Minoxidil therapy can be a combination therapy with micro-punctures and PRP. A study on a group of 50 patients with androgenetic alopecia showed a better effect of topical minoxidil with PRP than treatment with topical minoxidil alone. (51).

Finasteride is a cometic inhibitor of steroid 5-alpha-reductase types 1 and 2, with a much higher affinity for type 2 reductase. [52] This enzyme is key to catalysing the reaction of dihydrotestosterone (DHT) formation from testosterone. The effect of the drug is to reduce the concentration of DHT in the body and thus reduce the activity of androgen receptors in the prostate and scalp [53]. The effect on the prostate found application in the 1990s for the treatment of benign prostatic hyperplasia. In 1997, finasteride was approved for the treatment of androgenetic alopecia [54]. The therapeutic dose is 1mg/day by oral route. A randomised phase 3 clinical trial of topical finasteride showed a significant improvement in androgenetic alopecia relative to a placebo trial, and determined an effect level similar to orally taken finasteride with a lower effect on serum DHT levels [55]. The effect of finasteride on androgenetic alopecia is confirmed in studies. A Japanese study involving 3,000 men with androgenetic alopecia showed over a three-year period significant hair regrowth in 11%, moderate hair regrowth in 36.5% and slight hair regrowth in 39.5% [56].

Finasteride has also been shown to have a therapeutic effect on androgenetic alopecia in women, however, due to the increased risk of birth defects in male children, it is not recommended and minoxidil remains the pharmacological treatment of first choice [57,58].

An important aspect of finasteride use is the side effects it causes. These include decreased libido, erectile dysfunction, ejaculatory dysfunction, testicular atrophy, hypogonadism, gynaecomastia and increased risk of breast cancer in both men and women. The most vulnerable group are those with Klineferter's syndrome, whose risk is 50 times that of a healthy person [52,53]. Of concern are reports of Post-finasteride syndrome, which has been reported in people who have stopped taking finasteride. Symptoms related to decreased libido, erectile dysfunction and sexual dysfunction lasted up to 16 months after discontinuation of the drug. Additional symptoms included gynaecomastia, brain fog, increased anxiety and suicidal thoughts. The mechanism of post-finasteride syndrome is explained by the blocking of catalysing 5-alpha-reductase reactions contained in various human organs. This results into a multifaceted disruption of neuroactive steroids. [59]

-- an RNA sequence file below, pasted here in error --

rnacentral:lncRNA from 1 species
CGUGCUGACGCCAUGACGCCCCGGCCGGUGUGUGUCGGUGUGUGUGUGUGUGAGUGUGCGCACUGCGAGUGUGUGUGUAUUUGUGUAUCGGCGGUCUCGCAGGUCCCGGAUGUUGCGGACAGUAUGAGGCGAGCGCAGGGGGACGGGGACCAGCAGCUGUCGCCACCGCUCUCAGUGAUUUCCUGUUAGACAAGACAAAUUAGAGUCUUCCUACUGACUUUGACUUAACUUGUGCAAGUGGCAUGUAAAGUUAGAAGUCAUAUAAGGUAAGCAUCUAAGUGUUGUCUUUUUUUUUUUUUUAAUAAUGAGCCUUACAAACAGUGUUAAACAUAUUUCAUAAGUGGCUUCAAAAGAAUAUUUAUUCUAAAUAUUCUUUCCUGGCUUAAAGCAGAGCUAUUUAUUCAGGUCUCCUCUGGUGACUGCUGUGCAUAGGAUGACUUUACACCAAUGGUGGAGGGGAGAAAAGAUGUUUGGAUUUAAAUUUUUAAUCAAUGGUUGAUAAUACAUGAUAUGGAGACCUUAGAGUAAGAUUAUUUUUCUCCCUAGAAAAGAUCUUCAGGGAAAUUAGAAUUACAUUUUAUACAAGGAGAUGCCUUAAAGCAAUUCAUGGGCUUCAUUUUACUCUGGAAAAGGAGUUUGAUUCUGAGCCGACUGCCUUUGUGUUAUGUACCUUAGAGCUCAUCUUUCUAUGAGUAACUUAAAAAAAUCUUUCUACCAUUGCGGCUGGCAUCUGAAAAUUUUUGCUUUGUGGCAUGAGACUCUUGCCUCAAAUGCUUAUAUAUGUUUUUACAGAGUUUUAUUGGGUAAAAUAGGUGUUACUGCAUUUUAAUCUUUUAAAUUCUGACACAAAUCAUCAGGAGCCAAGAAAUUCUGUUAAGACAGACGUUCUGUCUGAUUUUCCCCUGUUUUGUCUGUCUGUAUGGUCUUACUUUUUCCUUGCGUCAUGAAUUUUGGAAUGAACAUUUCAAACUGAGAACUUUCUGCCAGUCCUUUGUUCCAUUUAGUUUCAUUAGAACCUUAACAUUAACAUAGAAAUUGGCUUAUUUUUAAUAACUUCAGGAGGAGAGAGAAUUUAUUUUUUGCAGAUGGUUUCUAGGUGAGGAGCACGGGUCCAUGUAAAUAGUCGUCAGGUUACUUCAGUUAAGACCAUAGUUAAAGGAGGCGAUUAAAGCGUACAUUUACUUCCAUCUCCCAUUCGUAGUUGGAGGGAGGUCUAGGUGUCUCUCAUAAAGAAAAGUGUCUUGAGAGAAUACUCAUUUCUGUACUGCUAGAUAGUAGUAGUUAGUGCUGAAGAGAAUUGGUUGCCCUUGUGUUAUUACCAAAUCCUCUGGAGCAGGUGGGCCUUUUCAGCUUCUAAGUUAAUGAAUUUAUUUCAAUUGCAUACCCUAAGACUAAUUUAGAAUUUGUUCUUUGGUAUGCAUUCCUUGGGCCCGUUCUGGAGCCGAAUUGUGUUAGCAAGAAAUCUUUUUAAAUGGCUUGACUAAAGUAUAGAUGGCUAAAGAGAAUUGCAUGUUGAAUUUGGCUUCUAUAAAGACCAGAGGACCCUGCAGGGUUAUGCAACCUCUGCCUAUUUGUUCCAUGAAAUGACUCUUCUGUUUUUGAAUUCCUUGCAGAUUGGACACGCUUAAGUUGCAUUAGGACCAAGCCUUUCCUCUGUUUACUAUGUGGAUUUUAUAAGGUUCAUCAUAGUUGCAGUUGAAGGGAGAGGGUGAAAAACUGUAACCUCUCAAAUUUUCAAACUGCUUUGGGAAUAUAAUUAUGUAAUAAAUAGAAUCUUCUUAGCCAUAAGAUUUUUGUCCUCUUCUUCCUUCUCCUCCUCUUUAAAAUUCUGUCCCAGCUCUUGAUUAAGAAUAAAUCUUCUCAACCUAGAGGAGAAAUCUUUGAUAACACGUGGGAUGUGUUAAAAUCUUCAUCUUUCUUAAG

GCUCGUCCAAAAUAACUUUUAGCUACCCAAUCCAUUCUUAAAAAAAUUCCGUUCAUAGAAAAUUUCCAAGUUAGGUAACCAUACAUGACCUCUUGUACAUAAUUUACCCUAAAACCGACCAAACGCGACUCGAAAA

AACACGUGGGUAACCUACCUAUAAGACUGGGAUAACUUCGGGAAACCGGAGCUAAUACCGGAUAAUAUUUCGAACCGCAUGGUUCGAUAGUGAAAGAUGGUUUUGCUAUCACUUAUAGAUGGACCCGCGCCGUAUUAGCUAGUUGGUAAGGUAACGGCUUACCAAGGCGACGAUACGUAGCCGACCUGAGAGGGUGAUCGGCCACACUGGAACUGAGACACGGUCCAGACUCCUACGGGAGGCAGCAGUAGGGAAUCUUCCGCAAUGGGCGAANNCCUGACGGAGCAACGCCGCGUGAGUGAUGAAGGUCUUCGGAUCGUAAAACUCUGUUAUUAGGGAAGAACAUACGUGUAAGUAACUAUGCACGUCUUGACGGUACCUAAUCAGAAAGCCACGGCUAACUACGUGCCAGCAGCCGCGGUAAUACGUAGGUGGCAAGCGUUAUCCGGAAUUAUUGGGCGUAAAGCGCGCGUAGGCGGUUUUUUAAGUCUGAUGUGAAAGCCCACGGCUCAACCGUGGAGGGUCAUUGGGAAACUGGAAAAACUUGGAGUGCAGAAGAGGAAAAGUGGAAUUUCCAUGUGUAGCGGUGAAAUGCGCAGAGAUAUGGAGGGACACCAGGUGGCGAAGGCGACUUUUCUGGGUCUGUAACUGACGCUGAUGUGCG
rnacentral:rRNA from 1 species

Combination therapy of finasteride with PRP has a more beneficial effect than the use of 1mg/day finasteride alone. However, comparison of PRP with minoxidil 5% and PRP with finasteride shows a total mean hair count change of 9.8 ± 26.9 hairs versus 0.6 ± 10.8 hairs. Combination therapy of PRP with minoxidil 5% showed better parameters in mean hair count, hair density, anagen and telogen percentages than PRP with finasteride 1mg/day [60].

Dutasteride, like finasteride, is also a selective and competitive 5-alpha-reductase inhibitor, but it has a high affinity for both type 1 and type 2 of enzyme. The mechanism of action is similar to that of finasteride described earlier. The effects of dutasteride are superior to those of finasteride in the treatment of androgenetic alopecia. The incidence of adverse effects of both drugs is similar [61,62].

Exosomes are vesicles surrounded by a lipid bilayer containing bioactive lipids, proteins, DNA, mRNA, tRNA and other biologically active proteins needed for repair, and regeneration of cells and tissues. Exosomes arise from stem cells and function as communication between cells both near and far. They generate the appropriate cellular response. It is suggested that exosomes carry Wnt proteins that induce beta-catenin activation at a distance. This pathway, as mentioned earlier, is important for hair regeneration and morphogenesis. Studies indicate that exosomes may represent a revolution in the treatment of alopecia [63,64].

There are no studies to compare the efficacy of exosomes and PRP. However, the cost of exosomes treatments is significantly higher than PRP treatments [65].


Platelet-rich plasma (PRP) therapy is effective in treating androgenetic alopecia as well as chronic plaque alopecia as a standalone treatment. Furthermore, PRP used in conjunction with minoxidil or finasteride yields better results than when these preparations are used separately. The best outcomes are achieved with combined therapy of minoxidil and PRP. Standardization of the PRP preparation process is necessary to achieve the best and safest results.